Sony Has A Patent Filing For Determining Whether A Game Is Pirated From Its Various Load Times

Hopefully it takes into account dodgy lenses.

In 2011 Sony filed a patent for determining whether a game is pirated based on its load times.

It’s an interesting idea – it basically monitors certain known load times per game (perhaps time to get to the Start screen, or to load the first level) and then checks them against a central database. If the load times differ by too much, the game is blocked.

Or, crucially, the user is blocked.

The patent is quite specific. “For example, if an authentic game title is distributed exclusively on BDs having a total benchmark load time of 45 seconds on a game console BD drive, the acceptable range of load times could be from 40 to 50 seconds,” it says. “Thus, a total measured title load time of 4 seconds would be outside of the acceptable range of total load times for a legitimate media type.”

It also tracks seek times (so it gets around those using USB sticks) and data throughput. It’s not limited to Blu-ray games, either, the patent highlights way to do a similar job with PSN downloads.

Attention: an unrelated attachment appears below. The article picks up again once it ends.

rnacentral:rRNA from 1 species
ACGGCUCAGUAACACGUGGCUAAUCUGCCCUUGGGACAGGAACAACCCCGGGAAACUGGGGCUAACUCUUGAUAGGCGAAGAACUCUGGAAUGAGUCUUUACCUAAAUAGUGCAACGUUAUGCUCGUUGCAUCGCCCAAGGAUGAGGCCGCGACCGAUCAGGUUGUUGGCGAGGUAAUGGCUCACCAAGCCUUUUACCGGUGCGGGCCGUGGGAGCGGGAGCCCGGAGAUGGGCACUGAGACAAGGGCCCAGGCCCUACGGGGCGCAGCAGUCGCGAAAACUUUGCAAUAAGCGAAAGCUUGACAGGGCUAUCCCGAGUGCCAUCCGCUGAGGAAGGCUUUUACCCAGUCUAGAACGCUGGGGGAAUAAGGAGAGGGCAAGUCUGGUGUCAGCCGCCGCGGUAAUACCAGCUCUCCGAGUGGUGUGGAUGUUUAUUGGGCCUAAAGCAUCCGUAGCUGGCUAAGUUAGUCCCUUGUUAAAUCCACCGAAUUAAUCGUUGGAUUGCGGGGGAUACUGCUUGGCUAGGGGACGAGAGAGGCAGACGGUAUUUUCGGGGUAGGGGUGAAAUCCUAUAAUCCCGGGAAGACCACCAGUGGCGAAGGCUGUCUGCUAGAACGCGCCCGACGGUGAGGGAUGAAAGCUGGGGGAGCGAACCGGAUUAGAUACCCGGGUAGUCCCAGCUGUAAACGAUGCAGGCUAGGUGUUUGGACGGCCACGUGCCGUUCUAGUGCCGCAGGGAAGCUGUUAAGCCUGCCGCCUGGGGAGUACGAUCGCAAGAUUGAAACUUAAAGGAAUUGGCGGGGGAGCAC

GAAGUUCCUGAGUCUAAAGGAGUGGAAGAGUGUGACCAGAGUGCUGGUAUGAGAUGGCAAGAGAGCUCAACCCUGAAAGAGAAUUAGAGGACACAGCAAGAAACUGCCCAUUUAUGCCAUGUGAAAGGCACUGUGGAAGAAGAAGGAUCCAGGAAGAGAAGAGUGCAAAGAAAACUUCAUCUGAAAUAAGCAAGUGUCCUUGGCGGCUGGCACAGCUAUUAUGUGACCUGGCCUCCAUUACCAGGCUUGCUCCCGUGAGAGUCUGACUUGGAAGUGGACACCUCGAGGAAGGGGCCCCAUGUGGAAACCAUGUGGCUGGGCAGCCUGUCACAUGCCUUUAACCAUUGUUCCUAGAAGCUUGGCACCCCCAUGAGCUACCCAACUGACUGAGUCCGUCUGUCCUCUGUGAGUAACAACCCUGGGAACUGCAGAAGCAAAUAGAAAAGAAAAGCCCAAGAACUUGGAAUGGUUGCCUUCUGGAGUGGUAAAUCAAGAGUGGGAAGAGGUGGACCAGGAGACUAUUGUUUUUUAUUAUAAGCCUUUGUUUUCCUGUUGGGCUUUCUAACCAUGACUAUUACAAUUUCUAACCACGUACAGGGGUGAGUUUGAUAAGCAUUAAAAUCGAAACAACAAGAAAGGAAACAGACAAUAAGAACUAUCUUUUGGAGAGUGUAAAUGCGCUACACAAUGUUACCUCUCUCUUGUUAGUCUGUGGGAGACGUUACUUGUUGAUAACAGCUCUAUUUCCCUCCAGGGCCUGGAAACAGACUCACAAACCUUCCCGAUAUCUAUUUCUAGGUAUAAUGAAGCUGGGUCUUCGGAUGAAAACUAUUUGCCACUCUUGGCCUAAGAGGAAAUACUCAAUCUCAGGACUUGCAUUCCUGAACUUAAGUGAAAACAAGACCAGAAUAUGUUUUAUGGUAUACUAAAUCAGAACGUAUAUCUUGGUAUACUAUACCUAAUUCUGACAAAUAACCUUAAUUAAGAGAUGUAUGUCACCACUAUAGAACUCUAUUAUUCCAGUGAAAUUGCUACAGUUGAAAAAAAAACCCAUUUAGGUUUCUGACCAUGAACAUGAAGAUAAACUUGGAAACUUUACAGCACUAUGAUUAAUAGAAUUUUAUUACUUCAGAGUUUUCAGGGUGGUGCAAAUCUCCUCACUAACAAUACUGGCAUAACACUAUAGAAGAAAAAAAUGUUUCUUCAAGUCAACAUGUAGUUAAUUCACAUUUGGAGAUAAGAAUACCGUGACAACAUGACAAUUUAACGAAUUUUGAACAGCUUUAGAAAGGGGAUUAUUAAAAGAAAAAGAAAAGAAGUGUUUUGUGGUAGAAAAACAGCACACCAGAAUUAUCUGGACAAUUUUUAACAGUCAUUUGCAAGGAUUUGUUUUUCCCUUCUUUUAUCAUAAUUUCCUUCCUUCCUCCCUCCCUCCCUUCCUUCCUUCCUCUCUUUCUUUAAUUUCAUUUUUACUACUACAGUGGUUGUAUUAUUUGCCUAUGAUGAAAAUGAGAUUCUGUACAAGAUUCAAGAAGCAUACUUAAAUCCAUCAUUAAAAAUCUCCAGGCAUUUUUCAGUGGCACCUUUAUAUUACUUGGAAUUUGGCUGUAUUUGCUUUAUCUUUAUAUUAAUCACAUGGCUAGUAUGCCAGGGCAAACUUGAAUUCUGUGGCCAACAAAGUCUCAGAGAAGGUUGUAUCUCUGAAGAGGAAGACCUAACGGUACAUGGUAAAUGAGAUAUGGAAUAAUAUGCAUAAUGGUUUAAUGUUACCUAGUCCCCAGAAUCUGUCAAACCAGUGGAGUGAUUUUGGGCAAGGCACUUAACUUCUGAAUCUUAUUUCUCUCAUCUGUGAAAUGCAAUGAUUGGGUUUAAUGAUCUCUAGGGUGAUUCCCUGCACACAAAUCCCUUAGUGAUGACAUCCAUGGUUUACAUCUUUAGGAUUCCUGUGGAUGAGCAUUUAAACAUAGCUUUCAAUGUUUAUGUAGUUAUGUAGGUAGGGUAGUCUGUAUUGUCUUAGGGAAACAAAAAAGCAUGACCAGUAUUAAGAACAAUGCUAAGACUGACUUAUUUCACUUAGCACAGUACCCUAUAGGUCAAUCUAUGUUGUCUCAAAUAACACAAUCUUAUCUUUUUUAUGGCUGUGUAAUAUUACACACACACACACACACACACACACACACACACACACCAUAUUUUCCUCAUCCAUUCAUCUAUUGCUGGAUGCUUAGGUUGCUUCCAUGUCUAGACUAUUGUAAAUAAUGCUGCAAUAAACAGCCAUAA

An interesting tactic. Whether this is for PS4 or not isn’t known, but it’s certainly likely. Sony’s PS3 encryption was hacked with considerable effect, but this looks like being able to manage the whole situation better than just relying on private and public keys.

Thanks GAF.

24 Comments

  1. I can see a lot of Bethesda’s games getting banned due to their long load times, once you reach a certain save file size. Too soon?

    This sounds like a good idea but i suspect pirates will find a way to trick the system. I do hope that they will take into account that open world RPGs can have long load times due to the console having to load the area and can result in different load times. It can be quick to slow to JUST FECKING LOAD YOU BARSTEWARD(that rarely happens as most gamers would have reset the game) It’s far better then using keys or even worse, that always online, but if we go down, feck you for buying this game DRM.

    On the other hand, if Sony cocks up with load times, they will have a PR disaster on their hands or get sued by a lot of angry PS4 customers.

    • It’s not about long load times, it’s about unusual load times. The patent describes a system that matches your load time result against a benchmark load time result to determine whether you’re in an acceptable range and ultimately whether or not you’re using illicit software. Even if you fail this test despite running a legitimate copy of the game then it only leads to a “secondary validation”. If you pass the secondary validation then your system will resume playing the media. This is all made clear in the patent which was linked in the original article.

  2. A combination of this and other patents could prove very important for Sony now that they’ve moved to a PC based architecture.

    Surely easier to hack and crack, so they’ll have to step up their own efforts to combat it.